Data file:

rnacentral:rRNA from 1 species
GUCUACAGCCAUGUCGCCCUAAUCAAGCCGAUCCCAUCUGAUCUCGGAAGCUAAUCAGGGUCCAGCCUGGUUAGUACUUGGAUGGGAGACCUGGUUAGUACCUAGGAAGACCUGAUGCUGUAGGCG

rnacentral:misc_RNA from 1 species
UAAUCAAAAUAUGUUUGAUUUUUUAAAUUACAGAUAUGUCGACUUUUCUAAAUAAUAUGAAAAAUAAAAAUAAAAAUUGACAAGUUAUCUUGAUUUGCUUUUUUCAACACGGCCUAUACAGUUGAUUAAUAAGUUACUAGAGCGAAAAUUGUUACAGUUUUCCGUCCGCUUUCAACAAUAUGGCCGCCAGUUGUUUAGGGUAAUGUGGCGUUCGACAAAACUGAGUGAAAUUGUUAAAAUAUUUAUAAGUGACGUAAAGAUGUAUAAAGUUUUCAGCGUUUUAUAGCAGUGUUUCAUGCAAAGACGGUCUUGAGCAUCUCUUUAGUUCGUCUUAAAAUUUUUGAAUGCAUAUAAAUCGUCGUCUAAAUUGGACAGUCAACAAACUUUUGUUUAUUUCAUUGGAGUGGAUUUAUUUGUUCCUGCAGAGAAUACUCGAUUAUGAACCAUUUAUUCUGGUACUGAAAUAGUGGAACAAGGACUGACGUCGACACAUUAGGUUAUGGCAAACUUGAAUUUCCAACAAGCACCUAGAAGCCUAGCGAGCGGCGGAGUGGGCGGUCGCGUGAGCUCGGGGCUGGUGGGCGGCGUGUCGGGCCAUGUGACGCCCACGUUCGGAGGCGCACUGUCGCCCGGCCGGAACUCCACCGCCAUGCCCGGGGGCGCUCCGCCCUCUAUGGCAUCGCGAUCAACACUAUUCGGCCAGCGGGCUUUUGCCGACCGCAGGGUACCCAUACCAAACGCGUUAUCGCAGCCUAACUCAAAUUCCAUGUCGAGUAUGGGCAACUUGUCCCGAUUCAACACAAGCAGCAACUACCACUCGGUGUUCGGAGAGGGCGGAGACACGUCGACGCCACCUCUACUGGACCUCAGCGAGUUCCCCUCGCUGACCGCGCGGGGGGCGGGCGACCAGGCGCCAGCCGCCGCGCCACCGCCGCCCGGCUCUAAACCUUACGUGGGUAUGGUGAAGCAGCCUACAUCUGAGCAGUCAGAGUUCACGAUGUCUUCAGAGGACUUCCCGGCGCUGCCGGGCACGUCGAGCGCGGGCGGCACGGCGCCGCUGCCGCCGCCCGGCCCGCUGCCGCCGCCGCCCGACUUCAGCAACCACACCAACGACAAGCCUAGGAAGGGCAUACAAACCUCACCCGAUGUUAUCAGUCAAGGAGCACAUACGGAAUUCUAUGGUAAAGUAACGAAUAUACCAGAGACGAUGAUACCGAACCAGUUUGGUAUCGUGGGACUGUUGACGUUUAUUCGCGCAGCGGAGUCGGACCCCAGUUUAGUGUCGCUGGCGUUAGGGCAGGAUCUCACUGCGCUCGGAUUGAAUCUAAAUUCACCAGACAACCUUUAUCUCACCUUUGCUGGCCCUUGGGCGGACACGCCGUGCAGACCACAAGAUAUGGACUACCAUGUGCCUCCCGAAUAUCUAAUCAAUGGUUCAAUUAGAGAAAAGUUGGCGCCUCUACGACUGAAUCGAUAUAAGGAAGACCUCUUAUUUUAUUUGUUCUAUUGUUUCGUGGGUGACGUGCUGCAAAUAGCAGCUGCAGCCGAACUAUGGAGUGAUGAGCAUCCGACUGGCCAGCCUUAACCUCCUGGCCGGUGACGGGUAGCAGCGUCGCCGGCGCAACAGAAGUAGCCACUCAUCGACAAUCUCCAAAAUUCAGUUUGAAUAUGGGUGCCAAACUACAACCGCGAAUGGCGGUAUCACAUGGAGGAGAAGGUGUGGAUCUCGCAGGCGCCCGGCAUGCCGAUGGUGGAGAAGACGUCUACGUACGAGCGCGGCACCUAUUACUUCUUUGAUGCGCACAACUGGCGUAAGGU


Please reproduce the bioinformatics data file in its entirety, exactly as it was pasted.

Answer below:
rnacentral:rRNA from 1 species
GUCUACAGCCAUGUCGCCCUAAUCAAGCCGAUCCCAUCUGAUCUCGGAAGCUAAUCAGGGUCCAGCCUGGUUAGUACUUGGAUGGGAGACCUGGUUAGUACCUAGGAAGACCUGAUGCUGUAGGCG

rnacentral:misc_RNA from 1 species
UAAUCAAAAUAUGUUUGAUUUUUUAAAUUACAGAUAUGUCGACUUUUCUAAAUAAUAUGAAAAAUAAAAAUAAAAAUUGACAAGUUAUCUUGAUUUGCUUUUUUCAACACGGCCUAUACAGUUGAUUAAUAAGUUACUAGAGCGAAAAUUGUUACAGUUUUCCGUCCGCUUUCAACAAUAUGGCCGCCAGUUGUUUAGGGUAAUGUGGCGUUCGACAAAACUGAGUGAAAUUGUUAAAAUAUUUAUAAGUGACGUAAAGAUGUAUAAAGUUUUCAGCGUUUUAUAGCAGUGUUUCAUGCAAAGACGGUCUUGAGCAUCUCUUUAGUUCGUCUUAAAAUUUUUGAAUGCAUAUAAAUCGUCGUCUAAAUUGGACAGUCAACAAACUUUUGUUUAUUUCAUUGGAGUGGAUUUAUUUGUUCCUGCAGAGAAUACUCGAUUAUGAACCAUUUAUUCUGGUACUGAAAUAGUGGAACAAGGACUGACGUCGACACAUUAGGUUAUGGCAAACUUGAAUUUCCAACAAGCACCUAGAAGCCUAGCGAGCGGCGGAGUGGGCGGUCGCGUGAGCUCGGGGCUGGUGGGCGGCGUGUCGGGCCAUGUGACGCCCACGUUCGGAGGCGCACUGUCGCCCGGCCGGAACUCCACCGCCAUGCCCGGGGGCGCUCCGCCCUCUAUGGCAUCGCGAUCAACACUAUUCGGCCAGCGGGCUUUUGCCGACCGCAGGGUACCCAUACCAAACGCGUUAUCGCAGCCUAACUCAAAUUCCAUGUCGAGUAUGGGCAACUUGUCCCGAUUCAACACAAGCAGCAACUACCACUCGGUGUUCGGAGAGGGCGGAGACACGUCGACGCCACCUCUACUGGACCUCAGCGAGUUCCCCUCGCUGACCGCGCGGGGGGCGGGCGACCAGGCGCCAGCCGCCGCGCCACCGCCGCCCGGCUCUAAACCUUACGUGGGUAUGGUGAAGCAGCCUACAUCUGAGCAGUCAGAGUUCACGAUGUCUUCAGAGGACUUCCCGGCGCUGCCGGGCACGUCGAGCGCGGGCGGCACGGCGCCGCUGCCGCCGCCCGGCCCGCUGCCGCCGCCGCCCGACUUCAGCAACCACACCAACGACAAGCCUAGGAAGGGCAUACAAACCUCACCCGAUGUUAUCAGUCAAGGAGCACAUACGGAAUUCUAUGGUAAAGUAACGAAUAUACCAGAGACGAUGAUACCGAACCAGUUUGGUAUCGUGGGACUGUUGACGUUUAUUCGCGCAGCGGAGUCGGACCCCAGUUUAGUGUCGCUGGCGUUAGGGCAGGAUCUCACUGCGCUCGGAUUGAAUCUAAAUUCACCAGACAACCUUUAUCUCACCUUUGCUGGCCCUUGGGCGGACACGCCGUGCAGACCACAAGAUAUGGACUACCAUGUGCCUCCCGAAUAUCUAAUCAAUGGUUCAAUUAGAGAAAAGUUGGCGCCUCUACGACUGAAUCGAUAUAAGGAAGACCUCUUAUUUUAUUUGUUCUAUUGUUUCGUGGGUGACGUGCUGCAAAUAGCAGCUGCAGCCGAACUAUGGAGUGAUGAGCAUCCGACUGGCCAGCCUUAACCUCCUGGCCGGUGACGGGUAGCAGCGUCGCCGGCGCAACAGAAGUAGCCACUCAUCGACAAUCUCCAAAAUUCAGUUUGAAUAUGGGUGCCAAACUACAACCGCGAAUGGCGGUAUCACAUGGAGGAGAAGGUGUGGAUCUCGCAGGCGCCCGGCAUGCCGAUGGUGGAGAAGACGUCUACGUACGAGCGCGGCACCUAUUACUUCUUUGAUGCGCACAACUGGCGUAAGGU